One of the ladies spoke in her own language through a translator, while another spoke in Burmese language. [The one speaking in Burmese] said, ‘I closed my eyes and was raped five times.’ But when we asked for more details, she didn’t have the language skills to explain clearly. The language difficulties made it difficult to know if they were telling the truth or not.”

The statement to which Nyan Lynn Aung referred that apparently debunked the women’s claims of having been raped was issued by the Information Committee of the State Counsellor’s Office on December 26 under the headline “Fake Rape”. It said Ma Jarmaliha was “exclusively questioned” by a woman member of the government investigation committee on December 11 and said she had never been raped nor witnessed any rapes.

The statement noted the rape allegations made by Jarmaliha and Than Than to the media team on December 21 and said “authorities” subsequently visited Pyaungpaik and had sought a meeting with the women “but they had escaped”.

The authorities had questioned Ma Jarmaliha’s neighbours and village elders and were told “that the accusation [sic] were not true, that they had never heard of any rape in the village and could not understand why the women told journalists that they had been raped”, the statement said.

The information committee issued a second statement on December 26 about the death Das Mammad. It included an image of his headless corpse on which was superimposed, “Truth teller beheaded”.

Responding to the villager’s allegation that the security forces had torched more than 100 houses in Pyaungpaik, the Rakhine State Minister for Security and Border Affairs, Colonel Htein Lin, told a news conference in Sittwe on December 22 that such behaviour was not possible because the security forces rigorously adhere to rules and regulations.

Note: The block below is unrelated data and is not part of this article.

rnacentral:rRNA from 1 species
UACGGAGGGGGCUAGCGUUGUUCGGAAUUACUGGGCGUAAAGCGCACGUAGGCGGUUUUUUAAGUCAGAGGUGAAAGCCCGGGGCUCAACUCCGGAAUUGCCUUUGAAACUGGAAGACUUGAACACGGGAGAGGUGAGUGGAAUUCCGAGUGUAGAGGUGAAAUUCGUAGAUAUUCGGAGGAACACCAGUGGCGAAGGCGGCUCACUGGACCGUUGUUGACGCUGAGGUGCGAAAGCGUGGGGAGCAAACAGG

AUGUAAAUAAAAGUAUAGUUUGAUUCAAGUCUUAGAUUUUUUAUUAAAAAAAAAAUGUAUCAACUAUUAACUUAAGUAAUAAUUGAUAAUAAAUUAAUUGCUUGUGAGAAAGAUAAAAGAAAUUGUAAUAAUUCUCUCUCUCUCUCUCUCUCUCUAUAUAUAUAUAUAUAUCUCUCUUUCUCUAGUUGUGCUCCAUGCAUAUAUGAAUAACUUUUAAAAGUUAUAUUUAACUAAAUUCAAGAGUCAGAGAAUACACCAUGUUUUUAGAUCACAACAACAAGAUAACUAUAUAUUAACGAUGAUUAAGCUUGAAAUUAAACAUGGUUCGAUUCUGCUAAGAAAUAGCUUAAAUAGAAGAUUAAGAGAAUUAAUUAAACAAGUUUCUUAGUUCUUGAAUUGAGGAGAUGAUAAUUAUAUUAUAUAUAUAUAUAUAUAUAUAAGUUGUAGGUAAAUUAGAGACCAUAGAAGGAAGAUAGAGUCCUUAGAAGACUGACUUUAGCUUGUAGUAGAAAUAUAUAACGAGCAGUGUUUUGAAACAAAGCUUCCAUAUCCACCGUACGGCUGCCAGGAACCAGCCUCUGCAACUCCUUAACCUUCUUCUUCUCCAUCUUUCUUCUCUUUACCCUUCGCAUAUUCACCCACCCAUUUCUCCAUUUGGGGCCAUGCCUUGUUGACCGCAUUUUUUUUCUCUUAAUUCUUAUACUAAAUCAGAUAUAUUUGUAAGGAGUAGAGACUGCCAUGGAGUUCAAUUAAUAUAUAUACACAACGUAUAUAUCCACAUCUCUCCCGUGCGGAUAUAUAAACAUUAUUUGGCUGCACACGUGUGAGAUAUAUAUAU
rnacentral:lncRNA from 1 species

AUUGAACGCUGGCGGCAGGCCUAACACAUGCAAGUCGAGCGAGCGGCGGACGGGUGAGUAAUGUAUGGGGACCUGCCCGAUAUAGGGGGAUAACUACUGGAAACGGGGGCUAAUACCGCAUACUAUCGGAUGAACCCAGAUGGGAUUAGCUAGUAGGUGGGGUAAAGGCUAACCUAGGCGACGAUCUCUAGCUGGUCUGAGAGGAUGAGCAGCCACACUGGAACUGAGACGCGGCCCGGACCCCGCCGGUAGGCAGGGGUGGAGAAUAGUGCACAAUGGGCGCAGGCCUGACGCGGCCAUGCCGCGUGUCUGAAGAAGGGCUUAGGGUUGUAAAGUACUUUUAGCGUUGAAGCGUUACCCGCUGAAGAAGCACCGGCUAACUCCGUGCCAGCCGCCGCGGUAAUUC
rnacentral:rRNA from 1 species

However, Human Rights Watch has said that based on satellite imagery at least 1,500 buildings in Maungdaw Township had been destroyed, including 85 buildings in Pyaungpaik (also referred to as Pyaung Pyit).

It has accused the military of responsibility, despite vigorous denials. “The satellite imagery and eyewitness interviews clearly point the finger at the military for setting these buildings ablaze,” said Brad Adams, Asia director at Human Rights Watch, in a December 13 statement.

Members of the media team said they saw the remains of torched houses, but were unable to determine the veracity of the villager’s or the minister’s comments in the absence of further information.

One of the most delicate issues for the media team was whether to describe members of the majority Islamic community in Maungdaw as “Rohingya”, “Bengali” or as members of the “Muslim community in Rakhine State”.

“Some described themselves as ‘Rohingya’, some called themselves ‘Bengali’, but most used ‘Muslim people’ to describe themselves,” said Nyan Lynn Aung, who was visiting Maungdaw for the second time since the October 9 attacks. Nyan Lynn Aung said his assessment of the region’s residents based on personal observation was that they did not want conflict because they did not want their lives and economic activities to be disrupted.

Sithu Aung Myint said he sensed fear among the Maungdaw residents interviewed by the journalists.

“When people answered us, I had the impression that some were scared of their own society and some were scared of the government,” he said.

Sithu Aung Mynt said every allegation of abuse reported in the international media needed investigation to determine its veracity.

“We can’t say for sure that the security forces didn’t commit rights violations at all, and neither can we say that they committed the severe abuses that the international community has accused them of,” he said. “Each case needs to be investigated individually.”

Sithu Aung Myint said the coordinated attacks on October 9 had come as the government was trying to resolve tensions between the state’s ethnic Rakhine and Muslim populations.

Meanwhile, the government is reported to be planning another supervised media visit to Maungdaw, although Ministry of Information deputy permanent secretary U Myo Myint Maung said the date and itinerary was yet to be confirmed.

Some journalists on the visit said the media should be allowed to freely cover the news from Maungdaw and were hopeful that they would be permitted by the government to make independent visits to the township.

The death of Dus Mammad has highlighted the need for journalists and media organisations to prepare for any future visit by collaborating on ways to protect news sources.

The organisations represented on the visit were from the Myanmar News Media Council, Central News Bureau, Mizzima, Myanmar Times, Myanmar Foreign Correspondents Club, Kyodo, epa (European Press-photo Agency), MITV, 7 Day, and Myanmar News Agency.

Top photo: Residents of the Muslim village of Gozirbill near Maungdaw pose for a photograph at a refugee camp in Teknaf, Bangladesh, on November 24, shortly after fleeing Myanmar. (AFP)